If you are reading this post, I bet my billion bucks you do not know me personally. Ask my acquaintances about my traits and they are sure to list atleast a couple of these:
“She walks fast” (some say ‘funny‘)
“She is short” (some add ‘stout‘, thanks to my ever-increasing postpartum weight)
“Her wedding – it happened in an unusual way”
“She has the gruffest voice” (or anything else that would define a hoarse, loud voice with thick, native accent)
The latter trait of mine always bothered me since childhood. Most of the women I know have gifted vocals, the rest speak in an adorably proportionate mix of accent and intonation, thus making the outcome sweet enough for ears to hear. Mine stood apart from both, obviously not in a better way.
I have had awkward experiences with landline phones. Out of all the landline calls I’ve attended ever in life, almost three-fourth of the callers mistook my voice as my father’s, when they called for the first time. This, combined with the incessant mockery of sophomores around added fuel to my diffidence.
After marriage, this dark insecurity only grew deeper, when my high-handed brother shared an audio with Dr.H, that he had recorded when I insanely sang an old-fashioned malayalam song in a rather earsplitting pitch, during a family get together. The incident happened decades ago when I was too young to differentiate people’s sarcastic laughter with appreciative smiles. Though it never really hurts being ridiculed by the closest people of mine, the diffidence didn’t fail to grow. At some point, I even stopped bathroom singing for I didn’t want to be mistaken for a man by my own family.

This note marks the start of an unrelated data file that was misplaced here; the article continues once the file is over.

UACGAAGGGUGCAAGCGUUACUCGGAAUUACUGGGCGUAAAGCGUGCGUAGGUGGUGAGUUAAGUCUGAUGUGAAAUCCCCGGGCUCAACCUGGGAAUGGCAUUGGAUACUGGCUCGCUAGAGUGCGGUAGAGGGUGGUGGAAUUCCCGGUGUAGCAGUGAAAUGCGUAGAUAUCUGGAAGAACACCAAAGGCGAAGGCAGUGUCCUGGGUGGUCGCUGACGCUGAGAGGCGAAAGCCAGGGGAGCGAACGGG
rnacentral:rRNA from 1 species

But a part of me died when I didn’t let myself sing aloud. I always enjoyed singing. It is such a liberation to give life to the right lyrics with the right tune. I love lyrics over tune, when it comes to songs. Intense lyrics ignite the music that carries it. My state of servitude to my overbearing state of diffidence made me restless. Eventually I got used to the non-singing days. Meanwhile, life posed too many challenges and made this subtle feeling almost negligible.
Shortly after baby D’s debut, a welcoming change happened. As a mom, I had to lull him to sleep everytime he showed signs to hit the bed. My first attempt to sing a lullaby happened in the hospital when the super hungry baby D failed to latch onto my bosom properly. I was unprepared for such a painful incident on the first day of motherhood. It was excruciating to see the little one crave for food on his very first day of entering the good world. Every mom (especially first time moms) can relate to this. With tear-filled eyes and torn heart, all I could do at that moment was to attempt to comfort the crying baby with a lullaby. It occurred instinctively and God only knows how my firmly established insecurities suddenly sundered and set me free from my self-drawn limits. The heart was heavier than the texture of my voice and it should have been the reason, I believe.
It’s been almost an year since I have resumed singing at the top of my voice, this time with no fear of being judged or ridiculed. I don’t care if anyone is bothered, the tiny earthling I created loves my songs and even prefers them over the best songs of renowned singers all around the globe. He needs my gruffest voice (or anything else that would define a hoarse, loud voice with thick, native accent) to complete his day. I’ve never felt more successful in life.
Now I lull for two reasons. One, to put my child to sleep. Two, to relive the bygones when I was too young to differentiate people’s sarcastic laughter with appreciative smiles.
This post wouldn’t have been born, if Dr.H hadn’t appreciated my “Silent Night….” lullaby during dinner. Though I am unsure if he told that to hog the extra french fries without having to wage a war 😀